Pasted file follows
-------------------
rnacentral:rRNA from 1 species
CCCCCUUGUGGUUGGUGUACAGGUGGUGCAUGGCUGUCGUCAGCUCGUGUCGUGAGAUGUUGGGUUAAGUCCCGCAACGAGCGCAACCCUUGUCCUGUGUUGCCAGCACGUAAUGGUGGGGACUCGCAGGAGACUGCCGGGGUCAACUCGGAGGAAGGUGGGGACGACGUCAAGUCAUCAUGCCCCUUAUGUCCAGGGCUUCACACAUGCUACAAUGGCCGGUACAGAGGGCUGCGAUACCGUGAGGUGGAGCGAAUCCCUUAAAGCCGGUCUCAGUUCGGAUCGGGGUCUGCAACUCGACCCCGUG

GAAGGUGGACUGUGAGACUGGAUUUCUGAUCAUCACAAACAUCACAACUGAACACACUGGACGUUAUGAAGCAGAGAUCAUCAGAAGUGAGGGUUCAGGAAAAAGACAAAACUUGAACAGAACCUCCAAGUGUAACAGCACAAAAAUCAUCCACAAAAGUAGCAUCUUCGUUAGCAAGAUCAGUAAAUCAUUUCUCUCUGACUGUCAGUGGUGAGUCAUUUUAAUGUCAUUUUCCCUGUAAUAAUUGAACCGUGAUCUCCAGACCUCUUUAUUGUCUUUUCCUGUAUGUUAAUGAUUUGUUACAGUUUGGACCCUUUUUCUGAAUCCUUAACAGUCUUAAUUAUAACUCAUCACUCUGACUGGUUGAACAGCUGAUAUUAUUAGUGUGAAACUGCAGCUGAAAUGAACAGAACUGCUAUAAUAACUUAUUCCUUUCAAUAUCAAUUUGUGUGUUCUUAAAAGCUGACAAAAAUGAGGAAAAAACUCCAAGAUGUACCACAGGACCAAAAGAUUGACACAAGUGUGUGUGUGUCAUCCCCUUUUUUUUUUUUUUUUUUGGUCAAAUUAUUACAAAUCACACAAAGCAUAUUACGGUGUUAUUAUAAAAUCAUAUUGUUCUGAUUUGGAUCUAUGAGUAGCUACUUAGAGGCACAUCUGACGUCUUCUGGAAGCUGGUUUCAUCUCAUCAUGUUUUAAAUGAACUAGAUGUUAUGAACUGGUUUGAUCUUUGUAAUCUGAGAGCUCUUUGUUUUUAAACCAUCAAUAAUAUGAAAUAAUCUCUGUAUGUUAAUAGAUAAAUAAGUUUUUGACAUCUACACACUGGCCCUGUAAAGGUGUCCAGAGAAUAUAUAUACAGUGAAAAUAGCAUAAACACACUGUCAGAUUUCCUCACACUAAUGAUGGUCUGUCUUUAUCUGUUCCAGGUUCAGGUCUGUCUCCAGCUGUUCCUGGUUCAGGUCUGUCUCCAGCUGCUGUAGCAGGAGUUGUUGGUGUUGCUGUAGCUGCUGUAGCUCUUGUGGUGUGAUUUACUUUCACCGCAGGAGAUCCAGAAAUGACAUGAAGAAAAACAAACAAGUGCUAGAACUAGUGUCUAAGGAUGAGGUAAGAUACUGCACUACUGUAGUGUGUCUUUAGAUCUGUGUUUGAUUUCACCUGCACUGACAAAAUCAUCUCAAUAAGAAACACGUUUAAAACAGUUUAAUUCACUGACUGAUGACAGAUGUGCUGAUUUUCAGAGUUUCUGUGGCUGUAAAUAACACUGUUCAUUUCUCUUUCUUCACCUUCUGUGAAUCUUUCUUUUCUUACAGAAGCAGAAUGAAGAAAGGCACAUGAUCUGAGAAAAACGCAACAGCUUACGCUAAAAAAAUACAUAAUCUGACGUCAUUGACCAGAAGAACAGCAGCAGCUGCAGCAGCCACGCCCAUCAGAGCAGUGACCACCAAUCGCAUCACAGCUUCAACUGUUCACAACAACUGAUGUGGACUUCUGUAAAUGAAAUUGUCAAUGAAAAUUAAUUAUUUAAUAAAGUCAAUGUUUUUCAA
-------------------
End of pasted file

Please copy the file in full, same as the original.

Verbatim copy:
rnacentral:rRNA from 1 species
CCCCCUUGUGGUUGGUGUACAGGUGGUGCAUGGCUGUCGUCAGCUCGUGUCGUGAGAUGUUGGGUUAAGUCCCGCAACGAGCGCAACCCUUGUCCUGUGUUGCCAGCACGUAAUGGUGGGGACUCGCAGGAGACUGCCGGGGUCAACUCGGAGGAAGGUGGGGACGACGUCAAGUCAUCAUGCCCCUUAUGUCCAGGGCUUCACACAUGCUACAAUGGCCGGUACAGAGGGCUGCGAUACCGUGAGGUGGAGCGAAUCCCUUAAAGCCGGUCUCAGUUCGGAUCGGGGUCUGCAACUCGACCCCGUG

GAAGGUGGACUGUGAGACUGGAUUUCUGAUCAUCACAAACAUCACAACUGAACACACUGGACGUUAUGAAGCAGAGAUCAUCAGAAGUGAGGGUUCAGGAAAAAGACAAAACUUGAACAGAACCUCCAAGUGUAACAGCACAAAAAUCAUCCACAAAAGUAGCAUCUUCGUUAGCAAGAUCAGUAAAUCAUUUCUCUCUGACUGUCAGUGGUGAGUCAUUUUAAUGUCAUUUUCCCUGUAAUAAUUGAACCGUGAUCUCCAGACCUCUUUAUUGUCUUUUCCUGUAUGUUAAUGAUUUGUUACAGUUUGGACCCUUUUUCUGAAUCCUUAACAGUCUUAAUUAUAACUCAUCACUCUGACUGGUUGAACAGCUGAUAUUAUUAGUGUGAAACUGCAGCUGAAAUGAACAGAACUGCUAUAAUAACUUAUUCCUUUCAAUAUCAAUUUGUGUGUUCUUAAAAGCUGACAAAAAUGAGGAAAAAACUCCAAGAUGUACCACAGGACCAAAAGAUUGACACAAGUGUGUGUGUGUCAUCCCCUUUUUUUUUUUUUUUUUUGGUCAAAUUAUUACAAAUCACACAAAGCAUAUUACGGUGUUAUUAUAAAAUCAUAUUGUUCUGAUUUGGAUCUAUGAGUAGCUACUUAGAGGCACAUCUGACGUCUUCUGGAAGCUGGUUUCAUCUCAUCAUGUUUUAAAUGAACUAGAUGUUAUGAACUGGUUUGAUCUUUGUAAUCUGAGAGCUCUUUGUUUUUAAACCAUCAAUAAUAUGAAAUAAUCUCUGUAUGUUAAUAGAUAAAUAAGUUUUUGACAUCUACACACUGGCCCUGUAAAGGUGUCCAGAGAAUAUAUAUACAGUGAAAAUAGCAUAAACACACUGUCAGAUUUCCUCACACUAAUGAUGGUCUGUCUUUAUCUGUUCCAGGUUCAGGUCUGUCUCCAGCUGUUCCUGGUUCAGGUCUGUCUCCAGCUGCUGUAGCAGGAGUUGUUGGUGUUGCUGUAGCUGCUGUAGCUCUUGUGGUGUGAUUUACUUUCACCGCAGGAGAUCCAGAAAUGACAUGAAGAAAAACAAACAAGUGCUAGAACUAGUGUCUAAGGAUGAGGUAAGAUACUGCACUACUGUAGUGUGUCUUUAGAUCUGUGUUUGAUUUCACCUGCACUGACAAAAUCAUCUCAAUAAGAAACACGUUUAAAACAGUUUAAUUCACUGACUGAUGACAGAUGUGCUGAUUUUCAGAGUUUCUGUGGCUGUAAAUAACACUGUUCAUUUCUCUUUCUUCACCUUCUGUGAAUCUUUCUUUUCUUACAGAAGCAGAAUGAAGAAAGGCACAUGAUCUGAGAAAAACGCAACAGCUUACGCUAAAAAAAUACAUAAUCUGACGUCAUUGACCAGAAGAACAGCAGCAGCUGCAGCAGCCACGCCCAUCAGAGCAGUGACCACCAAUCGCAUCACAGCUUCAACUGUUCACAACAACUGAUGUGGACUUCUGUAAAUGAAAUUGUCAAUGAAAAUUAAUUAUUUAAUAAAGUCAAUGUUUUUCAA